Mayor addresses future fire station plans

by Dan Holland

June 13 city council work session

Broadview Heights Mayor Sam Alai addressed plans for a future fire station and headquarters during the June 13 city council work session.

Issue 4, a charter millage amendment to build a new fire station and headquarters on the city’s campus, failed on the May 3 ballot by a 60% to 40% vote. The plan called for a 24,350-square-foot, $11.5 million station to be built at Memorial Drive and Broadview Road near fire station No. 2, with the city contributing approximately 20-25% of total project costs.

“I’ve talked with a number of residents about the need for a fire station over the last year or so, especially in this last month after the election,” Alai said. “As I’ve stated numerous times before, I will respect the will of the residents and the voters as we did with the recreation levy and the deer culling issues. I have no plans [for this issue] to go back on the ballot this fall or for that matter, anytime in the very near future.”

Alai said the city will continue to seek additional funding options, pursue grants and also apply cost-saving measures in the city in an effort to set aside money prior to revisiting the issue with voters. He said the city hopes to have 40-60% of the funding in place before readdressing the topic.

The $100,000 the fire department saved recently by refurbishing the ambulance box on the an existing ambulance instead of purchasing will be put towards the fire station fund, he noted.

Design plans, expected to be complete by late summer, will provide the price tag for the proposed station. City council approved an agreement last November with Van Auken Akins Architects LLC to provide architectural services for the proposed fire station. In February, Infinity Construction Co., Inc., was hired to provide pre-construction services.

Pre-engineered materials will be factored into the design in order to bring down the cost, Alai added.

“By the end of August, we will have complete documents ready to build a fire station – whether it’s a year from now or several years from now – the documents will be ready,” Alai said. “We will have the cost of the fire station in today’s dollars; those are deliverables. At that point, we will suspend our contracts with VAA and Infinity; they’ve been wonderful to work with and very understanding. We hope to work with them again sooner as opposed to later.”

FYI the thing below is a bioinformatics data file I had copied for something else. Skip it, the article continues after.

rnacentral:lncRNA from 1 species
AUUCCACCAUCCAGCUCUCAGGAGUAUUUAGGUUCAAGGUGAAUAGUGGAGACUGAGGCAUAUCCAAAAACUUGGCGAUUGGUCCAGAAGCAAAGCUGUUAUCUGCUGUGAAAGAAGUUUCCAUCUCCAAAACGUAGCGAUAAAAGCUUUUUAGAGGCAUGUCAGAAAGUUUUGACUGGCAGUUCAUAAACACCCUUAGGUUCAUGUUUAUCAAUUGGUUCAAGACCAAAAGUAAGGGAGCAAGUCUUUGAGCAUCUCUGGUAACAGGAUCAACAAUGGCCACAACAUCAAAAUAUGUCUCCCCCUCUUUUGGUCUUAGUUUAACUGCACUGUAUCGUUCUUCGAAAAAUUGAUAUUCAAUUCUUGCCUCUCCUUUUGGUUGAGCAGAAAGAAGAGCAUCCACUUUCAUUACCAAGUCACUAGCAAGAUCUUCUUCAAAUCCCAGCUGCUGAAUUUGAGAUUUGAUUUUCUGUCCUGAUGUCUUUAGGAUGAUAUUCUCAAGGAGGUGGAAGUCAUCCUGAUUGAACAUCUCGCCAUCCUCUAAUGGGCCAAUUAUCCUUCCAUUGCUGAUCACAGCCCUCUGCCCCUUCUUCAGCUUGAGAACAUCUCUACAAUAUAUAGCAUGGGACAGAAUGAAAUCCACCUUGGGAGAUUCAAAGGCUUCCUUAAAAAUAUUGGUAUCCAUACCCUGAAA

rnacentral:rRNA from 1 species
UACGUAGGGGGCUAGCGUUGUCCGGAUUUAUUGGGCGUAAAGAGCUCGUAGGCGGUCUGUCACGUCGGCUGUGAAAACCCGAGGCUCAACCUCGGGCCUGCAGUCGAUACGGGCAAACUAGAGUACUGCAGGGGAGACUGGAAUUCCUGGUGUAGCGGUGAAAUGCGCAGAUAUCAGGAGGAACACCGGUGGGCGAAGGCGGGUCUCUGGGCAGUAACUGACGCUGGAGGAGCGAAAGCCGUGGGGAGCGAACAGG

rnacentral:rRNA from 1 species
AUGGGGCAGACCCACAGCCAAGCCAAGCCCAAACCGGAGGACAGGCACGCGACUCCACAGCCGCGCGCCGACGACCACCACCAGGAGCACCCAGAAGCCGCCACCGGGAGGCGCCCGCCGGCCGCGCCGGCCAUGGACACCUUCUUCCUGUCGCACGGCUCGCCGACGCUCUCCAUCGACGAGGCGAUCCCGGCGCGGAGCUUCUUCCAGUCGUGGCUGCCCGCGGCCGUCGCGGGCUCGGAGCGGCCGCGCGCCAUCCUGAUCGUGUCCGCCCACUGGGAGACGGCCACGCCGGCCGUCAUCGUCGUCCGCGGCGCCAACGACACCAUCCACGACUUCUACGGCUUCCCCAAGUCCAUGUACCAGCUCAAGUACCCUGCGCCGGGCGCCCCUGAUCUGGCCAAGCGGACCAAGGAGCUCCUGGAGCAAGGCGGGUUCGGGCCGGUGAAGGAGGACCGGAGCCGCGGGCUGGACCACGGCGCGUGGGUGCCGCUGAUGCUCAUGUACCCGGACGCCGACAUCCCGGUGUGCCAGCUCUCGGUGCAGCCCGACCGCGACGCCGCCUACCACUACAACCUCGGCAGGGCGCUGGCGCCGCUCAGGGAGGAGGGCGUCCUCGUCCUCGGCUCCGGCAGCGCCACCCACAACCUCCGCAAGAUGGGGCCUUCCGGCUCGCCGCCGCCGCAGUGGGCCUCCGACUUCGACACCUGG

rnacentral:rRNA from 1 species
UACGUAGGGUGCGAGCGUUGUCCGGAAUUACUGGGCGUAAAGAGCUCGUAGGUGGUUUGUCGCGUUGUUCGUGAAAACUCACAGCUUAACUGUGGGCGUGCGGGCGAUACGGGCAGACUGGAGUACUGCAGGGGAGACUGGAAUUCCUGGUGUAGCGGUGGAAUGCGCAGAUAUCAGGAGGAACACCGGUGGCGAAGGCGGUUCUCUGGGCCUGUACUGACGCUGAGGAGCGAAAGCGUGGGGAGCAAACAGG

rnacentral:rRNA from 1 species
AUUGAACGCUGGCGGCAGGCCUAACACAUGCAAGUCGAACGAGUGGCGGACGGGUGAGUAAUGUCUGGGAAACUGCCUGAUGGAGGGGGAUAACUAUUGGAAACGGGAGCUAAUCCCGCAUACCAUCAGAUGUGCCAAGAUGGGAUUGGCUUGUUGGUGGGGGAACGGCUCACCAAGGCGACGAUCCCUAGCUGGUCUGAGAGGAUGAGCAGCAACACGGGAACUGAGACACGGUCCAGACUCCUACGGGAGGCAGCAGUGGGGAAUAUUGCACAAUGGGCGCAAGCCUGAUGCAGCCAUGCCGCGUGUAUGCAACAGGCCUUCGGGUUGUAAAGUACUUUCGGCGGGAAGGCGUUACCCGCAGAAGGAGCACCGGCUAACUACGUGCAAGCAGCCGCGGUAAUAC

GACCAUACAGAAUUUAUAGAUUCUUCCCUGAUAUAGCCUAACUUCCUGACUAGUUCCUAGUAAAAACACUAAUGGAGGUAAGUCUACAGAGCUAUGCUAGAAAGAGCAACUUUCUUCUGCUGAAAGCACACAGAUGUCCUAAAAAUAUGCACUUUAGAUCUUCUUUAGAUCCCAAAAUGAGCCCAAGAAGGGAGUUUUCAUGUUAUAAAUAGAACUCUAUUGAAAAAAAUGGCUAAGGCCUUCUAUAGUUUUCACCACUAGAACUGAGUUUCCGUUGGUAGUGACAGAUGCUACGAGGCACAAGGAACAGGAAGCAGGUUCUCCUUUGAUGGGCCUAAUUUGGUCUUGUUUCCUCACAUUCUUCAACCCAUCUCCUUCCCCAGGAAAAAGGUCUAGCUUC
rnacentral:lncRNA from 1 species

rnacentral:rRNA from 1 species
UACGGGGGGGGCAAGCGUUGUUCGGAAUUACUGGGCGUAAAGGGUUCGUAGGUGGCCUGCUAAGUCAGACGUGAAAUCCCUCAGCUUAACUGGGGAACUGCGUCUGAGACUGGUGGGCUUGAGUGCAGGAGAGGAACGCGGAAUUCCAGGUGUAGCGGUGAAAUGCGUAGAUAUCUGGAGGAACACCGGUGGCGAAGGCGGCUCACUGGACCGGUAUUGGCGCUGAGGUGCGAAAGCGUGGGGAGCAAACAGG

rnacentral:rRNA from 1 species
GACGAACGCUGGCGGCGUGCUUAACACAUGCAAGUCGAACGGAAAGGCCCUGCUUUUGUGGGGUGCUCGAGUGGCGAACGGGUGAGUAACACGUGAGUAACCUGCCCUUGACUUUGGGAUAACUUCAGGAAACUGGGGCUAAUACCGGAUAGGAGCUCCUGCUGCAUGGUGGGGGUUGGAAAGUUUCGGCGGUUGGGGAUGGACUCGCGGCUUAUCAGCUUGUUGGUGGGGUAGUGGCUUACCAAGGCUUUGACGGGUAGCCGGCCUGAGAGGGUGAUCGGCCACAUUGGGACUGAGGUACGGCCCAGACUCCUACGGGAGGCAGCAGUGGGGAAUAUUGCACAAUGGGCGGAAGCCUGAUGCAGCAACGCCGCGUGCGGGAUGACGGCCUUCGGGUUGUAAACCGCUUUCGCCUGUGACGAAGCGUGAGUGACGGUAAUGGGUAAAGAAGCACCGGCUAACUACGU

Alai stressed that if and when the issue goes to the ballot, it will be presented as a bond issue rather than a charter millage amendment.

“It would have a term of 20 or 25 years, and then it would be gone forever once the building is paid for,” Alai said. “Or, if we are able to save enough money, then we could just go ahead and build it.”

Alai said he and other officials had recently visited a brand-new $6.2 million, 26,000 square-foot fire and EMS station built in Danbury Township in Ottawa County, Ohio.

“Danbury Township Is building that big station because they’re looking to the future, and it would be a sad day if I didn’t look to the future for this city,” Alai continued. “I won’t be here forever, but the city will be. I have to make sure when I leave here that it is set up for the next 20-40 years and that we won’t have any issues. That’s my responsibility – to make this city better and safer than it was when I showed up. This fire station needs to happen at some point in time, just not within the next [18 months].”

Fire Chief Jeffrey Hajek also addressed the cost-saving measures being applied within the department and city over time that could be put toward a new station.

“Rather than having 25% of the money in hand, we can go to the public with 40-60% of the money in hand and still be looking for grants,” Hajek said. “So, if we come back in a year-and-a-half or so, we can show what we’ve done as far as saving money and make it a more palatable thing for the residents.” ∞